Gravity and Levity

Peter Pan might have been the most honest of my childhood archetypes. He endlessly proclaimed that he’d never grow up, insisting that he’d always be a boy. The rest of us have had to pretend that we would, could, and eventually did grow up, though our claims sometimes seem doubtful.

I questioned that my grandfather, who I remember as a grizzled coot with nicotine-stained fingertips and emphysema-thickened chuckle, ever was a boy, though he had a mile-wide mischievous streak and an unrelenting glint in his eye. His sixth grade school photo shows a barefoot Tom Sawyer look-alike, and I’m certain that he never fully out-grew those patched overalls and that soup bowl haircut.

Still, society seems to demand that each of us put aside our childish ways. We outgrow those perfect, favorite sneakers and have to settle for some inadequate replacements. Adult flavors tempt our sweet tooth away from simple pleasures into more savory and complex ones. We learn a lot, failing to maintain credible innocence about a flurry of unmentionable subjects. Our bodies and our voices betray us, and we become willing accomplices in an insidious form of self destruction.

All this transformation without benefit of a cloaking cocoon; right out in the open where every prying eye can see. Well, every prying eye except mine. Inside, I still feel about eight years old.

The Grand Otter’s (the grand daughter) well on her way toward completing her first, rough approximation of her grown up self. It’s really rough. And Peter Pan might not have gotten anything right. Sure, none of us ever really grow up. (I retain my eight year old self as surely as I hide that sacred school patrol badge in the bottom of my sock drawer; I revere my childish ways.) But we do out-grow and we do grow into and nothing can stop gravity’s one, true counterweight: levity.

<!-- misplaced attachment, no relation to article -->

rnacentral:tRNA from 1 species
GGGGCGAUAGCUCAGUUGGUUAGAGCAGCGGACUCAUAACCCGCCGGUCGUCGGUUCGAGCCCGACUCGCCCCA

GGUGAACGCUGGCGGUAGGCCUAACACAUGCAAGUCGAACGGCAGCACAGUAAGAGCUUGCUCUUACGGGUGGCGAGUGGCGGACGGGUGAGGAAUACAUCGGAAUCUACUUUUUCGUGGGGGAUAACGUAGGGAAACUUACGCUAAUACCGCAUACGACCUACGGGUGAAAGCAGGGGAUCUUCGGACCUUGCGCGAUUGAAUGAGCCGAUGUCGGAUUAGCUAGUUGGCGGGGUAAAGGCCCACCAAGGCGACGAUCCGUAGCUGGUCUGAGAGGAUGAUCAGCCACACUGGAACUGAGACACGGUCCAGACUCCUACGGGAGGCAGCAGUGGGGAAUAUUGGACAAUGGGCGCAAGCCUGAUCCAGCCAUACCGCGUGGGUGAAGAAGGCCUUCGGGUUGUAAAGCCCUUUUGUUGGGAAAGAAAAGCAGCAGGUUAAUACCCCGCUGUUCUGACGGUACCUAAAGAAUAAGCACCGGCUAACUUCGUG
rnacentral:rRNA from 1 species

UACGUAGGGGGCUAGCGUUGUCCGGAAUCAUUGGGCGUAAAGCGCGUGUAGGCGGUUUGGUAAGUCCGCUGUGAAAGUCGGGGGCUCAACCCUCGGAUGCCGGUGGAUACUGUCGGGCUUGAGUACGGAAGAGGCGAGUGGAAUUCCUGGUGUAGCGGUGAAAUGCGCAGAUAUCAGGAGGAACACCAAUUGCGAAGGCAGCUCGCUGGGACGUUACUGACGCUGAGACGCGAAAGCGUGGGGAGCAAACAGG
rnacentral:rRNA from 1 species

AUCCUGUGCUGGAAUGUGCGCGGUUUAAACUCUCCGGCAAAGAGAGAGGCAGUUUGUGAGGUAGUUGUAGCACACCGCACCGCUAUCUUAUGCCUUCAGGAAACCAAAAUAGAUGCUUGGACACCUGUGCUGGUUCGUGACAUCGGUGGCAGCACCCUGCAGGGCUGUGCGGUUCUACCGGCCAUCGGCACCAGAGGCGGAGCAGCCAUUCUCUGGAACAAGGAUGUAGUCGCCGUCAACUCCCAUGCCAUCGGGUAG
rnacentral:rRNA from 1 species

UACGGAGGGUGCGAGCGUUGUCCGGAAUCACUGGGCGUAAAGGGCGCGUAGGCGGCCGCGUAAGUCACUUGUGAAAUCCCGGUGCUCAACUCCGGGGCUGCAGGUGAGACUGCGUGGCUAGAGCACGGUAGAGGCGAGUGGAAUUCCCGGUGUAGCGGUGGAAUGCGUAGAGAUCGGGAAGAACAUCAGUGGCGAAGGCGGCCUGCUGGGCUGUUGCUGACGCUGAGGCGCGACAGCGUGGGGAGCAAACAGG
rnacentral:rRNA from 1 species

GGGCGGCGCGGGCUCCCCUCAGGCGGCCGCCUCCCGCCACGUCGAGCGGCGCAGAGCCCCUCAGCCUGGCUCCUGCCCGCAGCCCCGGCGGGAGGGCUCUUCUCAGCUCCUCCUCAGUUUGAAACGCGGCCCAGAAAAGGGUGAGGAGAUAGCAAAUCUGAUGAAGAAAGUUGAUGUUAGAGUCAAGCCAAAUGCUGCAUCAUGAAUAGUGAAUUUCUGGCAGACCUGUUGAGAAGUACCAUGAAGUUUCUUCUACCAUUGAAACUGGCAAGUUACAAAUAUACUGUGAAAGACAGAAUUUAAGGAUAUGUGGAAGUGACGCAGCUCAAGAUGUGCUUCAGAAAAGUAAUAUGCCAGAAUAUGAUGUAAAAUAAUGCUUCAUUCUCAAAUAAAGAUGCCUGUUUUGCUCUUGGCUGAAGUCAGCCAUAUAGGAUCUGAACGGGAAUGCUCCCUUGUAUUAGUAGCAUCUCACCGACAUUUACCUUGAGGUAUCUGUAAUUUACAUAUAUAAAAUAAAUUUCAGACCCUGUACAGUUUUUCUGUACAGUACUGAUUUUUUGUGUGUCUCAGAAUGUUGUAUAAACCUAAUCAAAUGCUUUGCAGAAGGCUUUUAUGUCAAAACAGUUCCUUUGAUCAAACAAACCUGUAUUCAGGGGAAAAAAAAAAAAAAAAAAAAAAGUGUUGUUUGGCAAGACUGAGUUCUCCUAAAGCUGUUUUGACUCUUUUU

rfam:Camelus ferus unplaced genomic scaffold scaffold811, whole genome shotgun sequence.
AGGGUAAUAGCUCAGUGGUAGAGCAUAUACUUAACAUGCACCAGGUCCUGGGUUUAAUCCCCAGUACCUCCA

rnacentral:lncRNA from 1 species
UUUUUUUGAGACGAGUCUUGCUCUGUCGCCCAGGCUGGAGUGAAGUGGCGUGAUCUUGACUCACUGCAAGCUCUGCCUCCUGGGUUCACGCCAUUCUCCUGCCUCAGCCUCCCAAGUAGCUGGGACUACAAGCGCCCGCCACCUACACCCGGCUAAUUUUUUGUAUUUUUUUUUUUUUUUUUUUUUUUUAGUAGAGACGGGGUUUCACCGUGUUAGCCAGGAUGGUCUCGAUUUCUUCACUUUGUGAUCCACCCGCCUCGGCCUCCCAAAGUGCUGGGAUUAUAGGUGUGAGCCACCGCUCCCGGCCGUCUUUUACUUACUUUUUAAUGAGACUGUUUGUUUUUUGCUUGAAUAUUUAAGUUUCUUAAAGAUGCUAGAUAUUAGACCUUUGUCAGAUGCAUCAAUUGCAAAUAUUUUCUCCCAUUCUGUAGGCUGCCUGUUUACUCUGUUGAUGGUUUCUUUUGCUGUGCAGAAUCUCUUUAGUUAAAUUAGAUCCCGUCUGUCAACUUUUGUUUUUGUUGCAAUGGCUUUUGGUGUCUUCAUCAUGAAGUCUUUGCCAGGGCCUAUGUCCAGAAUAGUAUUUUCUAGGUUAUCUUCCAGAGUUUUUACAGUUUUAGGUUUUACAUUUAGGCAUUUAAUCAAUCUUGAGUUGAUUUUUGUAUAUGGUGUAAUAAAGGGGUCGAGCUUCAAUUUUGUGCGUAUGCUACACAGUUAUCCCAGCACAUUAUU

In the middle ages, a solemn scientific society declared levity—the supposed opposite of gravity—a joke, thereby rendering it unsuitable for recognition, let alone serious study. And this mandate stuck, leaving gravity the only force without opposition in the recognized universe. Yet we still grow up, we grow out; defying gravity with a destiny perhaps better recognized as levity.

If we can’t laugh about these changes, we’d be doomed to cry our eyes out over them. The innocence of youth becomes the ignorance of maturity, fondly remembering a time never fully lost.

Perhaps we are all somewhere in the middle between never growing up and endlessly out-growing, gravity and levity in imperfect balance.

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